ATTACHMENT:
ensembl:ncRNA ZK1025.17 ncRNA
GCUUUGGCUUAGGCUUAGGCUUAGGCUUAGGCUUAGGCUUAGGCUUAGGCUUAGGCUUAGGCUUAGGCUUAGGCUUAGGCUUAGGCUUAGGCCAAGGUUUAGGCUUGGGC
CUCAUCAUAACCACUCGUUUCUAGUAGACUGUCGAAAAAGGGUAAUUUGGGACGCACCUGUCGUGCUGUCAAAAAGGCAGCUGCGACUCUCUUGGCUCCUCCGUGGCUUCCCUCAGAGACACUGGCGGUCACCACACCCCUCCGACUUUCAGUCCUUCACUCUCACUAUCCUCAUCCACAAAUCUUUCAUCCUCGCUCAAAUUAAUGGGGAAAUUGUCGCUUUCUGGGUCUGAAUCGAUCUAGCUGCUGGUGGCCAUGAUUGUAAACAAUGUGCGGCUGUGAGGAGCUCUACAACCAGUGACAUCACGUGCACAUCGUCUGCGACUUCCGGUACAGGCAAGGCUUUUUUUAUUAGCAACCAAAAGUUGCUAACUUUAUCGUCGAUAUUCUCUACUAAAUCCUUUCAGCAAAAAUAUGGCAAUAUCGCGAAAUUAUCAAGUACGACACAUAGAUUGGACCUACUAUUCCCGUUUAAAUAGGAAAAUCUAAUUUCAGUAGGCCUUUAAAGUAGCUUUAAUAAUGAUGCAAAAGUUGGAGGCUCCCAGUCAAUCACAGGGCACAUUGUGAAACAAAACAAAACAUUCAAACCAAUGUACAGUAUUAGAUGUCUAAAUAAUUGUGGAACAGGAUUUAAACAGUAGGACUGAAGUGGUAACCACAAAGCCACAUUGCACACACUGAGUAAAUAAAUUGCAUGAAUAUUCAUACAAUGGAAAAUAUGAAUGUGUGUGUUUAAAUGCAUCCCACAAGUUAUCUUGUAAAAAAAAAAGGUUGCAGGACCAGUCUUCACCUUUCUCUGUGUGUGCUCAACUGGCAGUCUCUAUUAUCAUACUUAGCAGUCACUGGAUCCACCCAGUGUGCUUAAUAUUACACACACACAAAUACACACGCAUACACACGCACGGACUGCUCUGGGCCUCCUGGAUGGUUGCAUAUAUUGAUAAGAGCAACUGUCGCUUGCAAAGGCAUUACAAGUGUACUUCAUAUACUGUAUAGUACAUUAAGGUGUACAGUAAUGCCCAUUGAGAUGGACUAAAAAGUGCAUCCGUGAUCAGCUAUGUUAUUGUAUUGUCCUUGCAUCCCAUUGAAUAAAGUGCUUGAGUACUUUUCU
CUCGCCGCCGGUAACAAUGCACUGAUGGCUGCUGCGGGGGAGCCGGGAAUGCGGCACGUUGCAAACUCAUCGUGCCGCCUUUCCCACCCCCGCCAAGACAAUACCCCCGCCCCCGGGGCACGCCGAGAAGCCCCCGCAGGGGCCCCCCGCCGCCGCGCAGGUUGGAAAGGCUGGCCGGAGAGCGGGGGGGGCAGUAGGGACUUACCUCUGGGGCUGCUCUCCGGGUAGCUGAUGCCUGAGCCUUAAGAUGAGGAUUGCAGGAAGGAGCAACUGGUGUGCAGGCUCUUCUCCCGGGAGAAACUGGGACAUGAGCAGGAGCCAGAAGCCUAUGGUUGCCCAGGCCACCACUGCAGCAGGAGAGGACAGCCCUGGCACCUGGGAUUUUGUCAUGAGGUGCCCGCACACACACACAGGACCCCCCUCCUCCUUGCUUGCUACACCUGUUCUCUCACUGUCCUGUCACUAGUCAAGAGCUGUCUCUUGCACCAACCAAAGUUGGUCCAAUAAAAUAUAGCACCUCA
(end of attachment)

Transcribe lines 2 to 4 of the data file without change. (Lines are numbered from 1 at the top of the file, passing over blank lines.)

GCUUUGGCUUAGGCUUAGGCUUAGGCUUAGGCUUAGGCUUAGGCUUAGGCUUAGGCUUAGGCUUAGGCUUAGGCUUAGGCUUAGGCUUAGGCCAAGGUUUAGGCUUGGGC
CUCAUCAUAACCACUCGUUUCUAGUAGACUGUCGAAAAAGGGUAAUUUGGGACGCACCUGUCGUGCUGUCAAAAAGGCAGCUGCGACUCUCUUGGCUCCUCCGUGGCUUCCCUCAGAGACACUGGCGGUCACCACACCCCUCCGACUUUCAGUCCUUCACUCUCACUAUCCUCAUCCACAAAUCUUUCAUCCUCGCUCAAAUUAAUGGGGAAAUUGUCGCUUUCUGGGUCUGAAUCGAUCUAGCUGCUGGUGGCCAUGAUUGUAAACAAUGUGCGGCUGUGAGGAGCUCUACAACCAGUGACAUCACGUGCACAUCGUCUGCGACUUCCGGUACAGGCAAGGCUUUUUUUAUUAGCAACCAAAAGUUGCUAACUUUAUCGUCGAUAUUCUCUACUAAAUCCUUUCAGCAAAAAUAUGGCAAUAUCGCGAAAUUAUCAAGUACGACACAUAGAUUGGACCUACUAUUCCCGUUUAAAUAGGAAAAUCUAAUUUCAGUAGGCCUUUAAAGUAGCUUUAAUAAUGAUGCAAAAGUUGGAGGCUCCCAGUCAAUCACAGGGCACAUUGUGAAACAAAACAAAACAUUCAAACCAAUGUACAGUAUUAGAUGUCUAAAUAAUUGUGGAACAGGAUUUAAACAGUAGGACUGAAGUGGUAACCACAAAGCCACAUUGCACACACUGAGUAAAUAAAUUGCAUGAAUAUUCAUACAAUGGAAAAUAUGAAUGUGUGUGUUUAAAUGCAUCCCACAAGUUAUCUUGUAAAAAAAAAAGGUUGCAGGACCAGUCUUCACCUUUCUCUGUGUGUGCUCAACUGGCAGUCUCUAUUAUCAUACUUAGCAGUCACUGGAUCCACCCAGUGUGCUUAAUAUUACACACACACAAAUACACACGCAUACACACGCACGGACUGCUCUGGGCCUCCUGGAUGGUUGCAUAUAUUGAUAAGAGCAACUGUCGCUUGCAAAGGCAUUACAAGUGUACUUCAUAUACUGUAUAGUACAUUAAGGUGUACAGUAAUGCCCAUUGAGAUGGACUAAAAAGUGCAUCCGUGAUCAGCUAUGUUAUUGUAUUGUCCUUGCAUCCCAUUGAAUAAAGUGCUUGAGUACUUUUCU
CUCGCCGCCGGUAACAAUGCACUGAUGGCUGCUGCGGGGGAGCCGGGAAUGCGGCACGUUGCAAACUCAUCGUGCCGCCUUUCCCACCCCCGCCAAGACAAUACCCCCGCCCCCGGGGCACGCCGAGAAGCCCCCGCAGGGGCCCCCCGCCGCCGCGCAGGUUGGAAAGGCUGGCCGGAGAGCGGGGGGGGCAGUAGGGACUUACCUCUGGGGCUGCUCUCCGGGUAGCUGAUGCCUGAGCCUUAAGAUGAGGAUUGCAGGAAGGAGCAACUGGUGUGCAGGCUCUUCUCCCGGGAGAAACUGGGACAUGAGCAGGAGCCAGAAGCCUAUGGUUGCCCAGGCCACCACUGCAGCAGGAGAGGACAGCCCUGGCACCUGGGAUUUUGUCAUGAGGUGCCCGCACACACACACAGGACCCCCCUCCUCCUUGCUUGCUACACCUGUUCUCUCACUGUCCUGUCACUAGUCAAGAGCUGUCUCUUGCACCAACCAAAGUUGGUCCAAUAAAAUAUAGCACCUCA